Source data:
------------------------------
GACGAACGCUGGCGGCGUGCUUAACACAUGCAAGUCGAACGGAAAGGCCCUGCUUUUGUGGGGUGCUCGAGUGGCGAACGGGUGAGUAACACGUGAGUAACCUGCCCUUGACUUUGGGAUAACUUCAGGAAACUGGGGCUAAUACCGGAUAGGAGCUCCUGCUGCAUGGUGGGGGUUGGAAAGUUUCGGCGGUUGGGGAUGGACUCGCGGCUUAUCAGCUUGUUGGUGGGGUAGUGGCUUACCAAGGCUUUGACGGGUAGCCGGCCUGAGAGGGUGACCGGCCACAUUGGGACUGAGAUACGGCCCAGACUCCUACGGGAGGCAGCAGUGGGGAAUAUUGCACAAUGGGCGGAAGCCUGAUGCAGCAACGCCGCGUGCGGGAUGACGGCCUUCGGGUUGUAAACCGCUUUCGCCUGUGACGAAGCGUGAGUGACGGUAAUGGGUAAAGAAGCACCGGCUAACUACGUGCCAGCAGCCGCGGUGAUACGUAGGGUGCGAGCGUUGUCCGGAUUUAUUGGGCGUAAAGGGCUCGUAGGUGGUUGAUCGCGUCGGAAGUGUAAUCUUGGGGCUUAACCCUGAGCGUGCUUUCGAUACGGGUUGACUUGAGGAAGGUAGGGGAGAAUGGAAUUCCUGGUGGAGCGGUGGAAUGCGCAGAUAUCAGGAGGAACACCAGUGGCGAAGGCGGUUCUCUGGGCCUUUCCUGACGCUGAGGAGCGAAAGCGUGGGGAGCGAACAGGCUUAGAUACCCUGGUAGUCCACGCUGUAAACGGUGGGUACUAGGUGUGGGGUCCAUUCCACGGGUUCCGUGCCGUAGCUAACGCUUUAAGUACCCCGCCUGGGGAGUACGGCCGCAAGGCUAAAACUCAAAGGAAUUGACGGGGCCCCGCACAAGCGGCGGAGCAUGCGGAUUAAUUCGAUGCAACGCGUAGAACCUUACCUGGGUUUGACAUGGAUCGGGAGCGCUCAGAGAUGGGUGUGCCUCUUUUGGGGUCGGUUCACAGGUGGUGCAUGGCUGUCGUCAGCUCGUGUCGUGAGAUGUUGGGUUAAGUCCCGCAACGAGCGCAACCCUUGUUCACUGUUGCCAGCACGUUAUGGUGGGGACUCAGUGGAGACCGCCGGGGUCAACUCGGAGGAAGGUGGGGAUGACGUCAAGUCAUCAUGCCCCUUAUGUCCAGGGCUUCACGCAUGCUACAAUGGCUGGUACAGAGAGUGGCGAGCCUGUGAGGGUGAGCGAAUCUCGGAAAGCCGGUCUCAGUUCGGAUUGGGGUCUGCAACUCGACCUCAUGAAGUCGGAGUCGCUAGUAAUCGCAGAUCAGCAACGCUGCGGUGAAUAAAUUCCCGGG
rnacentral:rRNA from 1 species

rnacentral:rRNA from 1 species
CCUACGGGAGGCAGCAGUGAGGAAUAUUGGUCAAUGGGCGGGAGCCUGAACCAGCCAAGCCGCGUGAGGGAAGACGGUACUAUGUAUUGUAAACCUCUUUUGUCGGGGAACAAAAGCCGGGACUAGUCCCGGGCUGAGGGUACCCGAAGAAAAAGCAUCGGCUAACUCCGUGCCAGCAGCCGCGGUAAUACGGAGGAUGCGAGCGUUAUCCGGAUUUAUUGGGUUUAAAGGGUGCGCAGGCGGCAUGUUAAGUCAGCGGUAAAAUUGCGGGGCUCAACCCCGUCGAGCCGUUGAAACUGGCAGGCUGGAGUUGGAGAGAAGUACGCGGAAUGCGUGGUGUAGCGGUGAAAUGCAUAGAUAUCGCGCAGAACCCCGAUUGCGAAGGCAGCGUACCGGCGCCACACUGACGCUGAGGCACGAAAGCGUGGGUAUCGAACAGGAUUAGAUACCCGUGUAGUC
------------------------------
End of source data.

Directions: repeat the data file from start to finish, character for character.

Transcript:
GACGAACGCUGGCGGCGUGCUUAACACAUGCAAGUCGAACGGAAAGGCCCUGCUUUUGUGGGGUGCUCGAGUGGCGAACGGGUGAGUAACACGUGAGUAACCUGCCCUUGACUUUGGGAUAACUUCAGGAAACUGGGGCUAAUACCGGAUAGGAGCUCCUGCUGCAUGGUGGGGGUUGGAAAGUUUCGGCGGUUGGGGAUGGACUCGCGGCUUAUCAGCUUGUUGGUGGGGUAGUGGCUUACCAAGGCUUUGACGGGUAGCCGGCCUGAGAGGGUGACCGGCCACAUUGGGACUGAGAUACGGCCCAGACUCCUACGGGAGGCAGCAGUGGGGAAUAUUGCACAAUGGGCGGAAGCCUGAUGCAGCAACGCCGCGUGCGGGAUGACGGCCUUCGGGUUGUAAACCGCUUUCGCCUGUGACGAAGCGUGAGUGACGGUAAUGGGUAAAGAAGCACCGGCUAACUACGUGCCAGCAGCCGCGGUGAUACGUAGGGUGCGAGCGUUGUCCGGAUUUAUUGGGCGUAAAGGGCUCGUAGGUGGUUGAUCGCGUCGGAAGUGUAAUCUUGGGGCUUAACCCUGAGCGUGCUUUCGAUACGGGUUGACUUGAGGAAGGUAGGGGAGAAUGGAAUUCCUGGUGGAGCGGUGGAAUGCGCAGAUAUCAGGAGGAACACCAGUGGCGAAGGCGGUUCUCUGGGCCUUUCCUGACGCUGAGGAGCGAAAGCGUGGGGAGCGAACAGGCUUAGAUACCCUGGUAGUCCACGCUGUAAACGGUGGGUACUAGGUGUGGGGUCCAUUCCACGGGUUCCGUGCCGUAGCUAACGCUUUAAGUACCCCGCCUGGGGAGUACGGCCGCAAGGCUAAAACUCAAAGGAAUUGACGGGGCCCCGCACAAGCGGCGGAGCAUGCGGAUUAAUUCGAUGCAACGCGUAGAACCUUACCUGGGUUUGACAUGGAUCGGGAGCGCUCAGAGAUGGGUGUGCCUCUUUUGGGGUCGGUUCACAGGUGGUGCAUGGCUGUCGUCAGCUCGUGUCGUGAGAUGUUGGGUUAAGUCCCGCAACGAGCGCAACCCUUGUUCACUGUUGCCAGCACGUUAUGGUGGGGACUCAGUGGAGACCGCCGGGGUCAACUCGGAGGAAGGUGGGGAUGACGUCAAGUCAUCAUGCCCCUUAUGUCCAGGGCUUCACGCAUGCUACAAUGGCUGGUACAGAGAGUGGCGAGCCUGUGAGGGUGAGCGAAUCUCGGAAAGCCGGUCUCAGUUCGGAUUGGGGUCUGCAACUCGACCUCAUGAAGUCGGAGUCGCUAGUAAUCGCAGAUCAGCAACGCUGCGGUGAAUAAAUUCCCGGG
rnacentral:rRNA from 1 species

rnacentral:rRNA from 1 species
CCUACGGGAGGCAGCAGUGAGGAAUAUUGGUCAAUGGGCGGGAGCCUGAACCAGCCAAGCCGCGUGAGGGAAGACGGUACUAUGUAUUGUAAACCUCUUUUGUCGGGGAACAAAAGCCGGGACUAGUCCCGGGCUGAGGGUACCCGAAGAAAAAGCAUCGGCUAACUCCGUGCCAGCAGCCGCGGUAAUACGGAGGAUGCGAGCGUUAUCCGGAUUUAUUGGGUUUAAAGGGUGCGCAGGCGGCAUGUUAAGUCAGCGGUAAAAUUGCGGGGCUCAACCCCGUCGAGCCGUUGAAACUGGCAGGCUGGAGUUGGAGAGAAGUACGCGGAAUGCGUGGUGUAGCGGUGAAAUGCAUAGAUAUCGCGCAGAACCCCGAUUGCGAAGGCAGCGUACCGGCGCCACACUGACGCUGAGGCACGAAAGCGUGGGUAUCGAACAGGAUUAGAUACCCGUGUAGUC